In January, I offered a “to-do list” of key issues the legislature, along with Governor Christie, should tackle in 2012. Alas, there was more punting than tackling.
First and foremost, I called for Democrats and Republicans to show a greater willingness to compromise on important matters. So far there has been little movement in that direction. In fact, on fiscal matters, legislative Democrats and our YouTube-friendly governor seemed further apart than ever, often trading barbs in the media and engaging in pithy name-calling.
On the positive side, there was meaningful bipartisan cooperation and agreement on reforming teacher tenure in 2012. It wasn’t just Democrats and Republicans—led by Governor Chris Christie—who compromised on this issue, but also the New Jersey Education Association (NJEA), which represents teachers. It was a huge accomplishment to get all parties to agree on changes in the decades-old practice of giving job security to teachers with no regard for performance.
There was also bipartisan cooperation and compromise on the effort to increase higher-education funding—another item on my to-do list. In fact, Democrats and Republicans agreed to place a much-needed $750 million higher-education bond issue before the voters. The legislators’ bipartisan efforts on behalf of the bond issue culminated in a press conference at William Paterson University, where Senate president Steve Sweeney, a Democrat, and Senate minority leader Tom Kean Jr., a Republican, implored voters to pass the bond issue. (The vote took place after deadline.)
Now for the bad news. I said 2012 was the best shot we had to increase the gas tax, which would help fix our crumbling roads and bridges. But with gas prices rising through the roof for most of the year, and everyone in Trenton scared to death to even suggest a tax increase, the idea of raising money at the pump was never on the table. That’s a shame, because it doesn’t take a transportation genius to realize we are playing Russian roulette with motorists’ lives on our highways and bridges.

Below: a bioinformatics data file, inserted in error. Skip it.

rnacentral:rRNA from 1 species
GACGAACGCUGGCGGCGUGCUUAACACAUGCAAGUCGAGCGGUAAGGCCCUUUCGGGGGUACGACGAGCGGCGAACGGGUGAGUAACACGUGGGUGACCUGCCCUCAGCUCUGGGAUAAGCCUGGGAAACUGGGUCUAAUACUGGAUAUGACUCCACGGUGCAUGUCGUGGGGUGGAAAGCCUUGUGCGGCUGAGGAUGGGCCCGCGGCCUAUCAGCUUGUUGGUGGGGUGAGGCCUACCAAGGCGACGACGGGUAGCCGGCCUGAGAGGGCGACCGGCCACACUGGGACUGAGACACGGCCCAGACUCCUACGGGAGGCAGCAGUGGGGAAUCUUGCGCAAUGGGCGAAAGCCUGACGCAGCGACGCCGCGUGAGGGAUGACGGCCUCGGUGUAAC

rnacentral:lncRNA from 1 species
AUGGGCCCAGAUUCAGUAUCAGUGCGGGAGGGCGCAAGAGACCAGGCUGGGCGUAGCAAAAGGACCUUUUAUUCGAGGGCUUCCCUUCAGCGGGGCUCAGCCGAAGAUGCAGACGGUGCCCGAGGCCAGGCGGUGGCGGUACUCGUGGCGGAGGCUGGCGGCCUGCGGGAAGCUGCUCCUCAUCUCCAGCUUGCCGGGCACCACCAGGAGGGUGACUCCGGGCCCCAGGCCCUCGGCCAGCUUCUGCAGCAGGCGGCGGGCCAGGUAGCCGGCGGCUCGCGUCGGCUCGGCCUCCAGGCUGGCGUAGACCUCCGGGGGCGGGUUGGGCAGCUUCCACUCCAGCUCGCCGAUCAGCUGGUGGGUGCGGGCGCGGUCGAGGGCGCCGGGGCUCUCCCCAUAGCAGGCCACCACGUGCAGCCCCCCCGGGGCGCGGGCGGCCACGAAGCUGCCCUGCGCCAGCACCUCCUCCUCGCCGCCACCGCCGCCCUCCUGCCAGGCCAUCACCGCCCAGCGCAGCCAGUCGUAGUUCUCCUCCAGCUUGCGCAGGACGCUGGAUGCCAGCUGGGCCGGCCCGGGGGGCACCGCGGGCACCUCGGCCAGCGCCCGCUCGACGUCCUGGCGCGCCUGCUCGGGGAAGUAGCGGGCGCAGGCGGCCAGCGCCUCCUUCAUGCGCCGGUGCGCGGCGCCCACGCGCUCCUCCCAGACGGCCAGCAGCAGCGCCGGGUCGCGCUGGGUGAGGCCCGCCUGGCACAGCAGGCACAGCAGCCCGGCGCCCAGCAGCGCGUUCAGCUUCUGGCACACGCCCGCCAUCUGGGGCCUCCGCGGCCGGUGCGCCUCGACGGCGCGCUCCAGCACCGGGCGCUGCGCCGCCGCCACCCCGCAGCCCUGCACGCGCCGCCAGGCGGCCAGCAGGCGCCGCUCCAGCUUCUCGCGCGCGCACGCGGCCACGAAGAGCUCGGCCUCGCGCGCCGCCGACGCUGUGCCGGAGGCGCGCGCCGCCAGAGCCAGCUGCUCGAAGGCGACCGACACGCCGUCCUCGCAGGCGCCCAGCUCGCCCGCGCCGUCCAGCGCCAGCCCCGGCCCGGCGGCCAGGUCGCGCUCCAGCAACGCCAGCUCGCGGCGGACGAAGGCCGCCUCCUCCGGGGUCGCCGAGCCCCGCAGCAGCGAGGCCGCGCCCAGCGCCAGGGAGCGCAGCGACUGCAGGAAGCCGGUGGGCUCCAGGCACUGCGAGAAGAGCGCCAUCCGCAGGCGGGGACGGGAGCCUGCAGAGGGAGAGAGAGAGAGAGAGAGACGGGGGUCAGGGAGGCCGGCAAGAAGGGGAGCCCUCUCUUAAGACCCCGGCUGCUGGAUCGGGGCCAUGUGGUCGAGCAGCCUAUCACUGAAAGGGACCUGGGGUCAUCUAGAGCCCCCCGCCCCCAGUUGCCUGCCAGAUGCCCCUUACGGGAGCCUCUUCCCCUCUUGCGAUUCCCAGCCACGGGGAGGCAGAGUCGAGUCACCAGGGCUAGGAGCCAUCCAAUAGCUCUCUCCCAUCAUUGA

I also felt the time was right for a law mandating that tiny New Jersey towns merge, consolidate or share services. I was especially hopeful after voters in Princeton Township and Princeton Borough came together in November 2011 to approve a municipal merger. Unfortunately, our policy makers in Trenton punted once again on changing New Jersey’s home-rule tradition, a major contributor to our sky-high property taxes.
Then there is the issue of marriage equality. I argued that if New York could pass a bill establishing same-sex marriage, so could we. Wrong! While the Legislature passed a bill approving same-sex marriage early in the year, it was vetoed by Governor Christie—as he had promised. Unfortunately, the Democrats, who control both houses, made no effort to overturn the veto. True, they didn’t have the votes to do so, but it would have been meaningful to see them try.
Finally, in a noteworthy success, the state Department of Health issued a permit to Greenleaf Compassion Center in Montclair to operate as an Alternative Treatment Center (ATC) and dispense medicinal marijuana—almost two years after passage of the state’s Compassionate Use Medical Marijuana Act. Five additional ATCs are in various stages of finalizing their locations, but the process should not take this long or involve so many obstacles.
Will we see more progress on key issues next year from Trenton? With gubernatorial and legislative elections on the agenda, I can sum up our hopes with one word: Fuhgetaboutit!Click here to leave a comment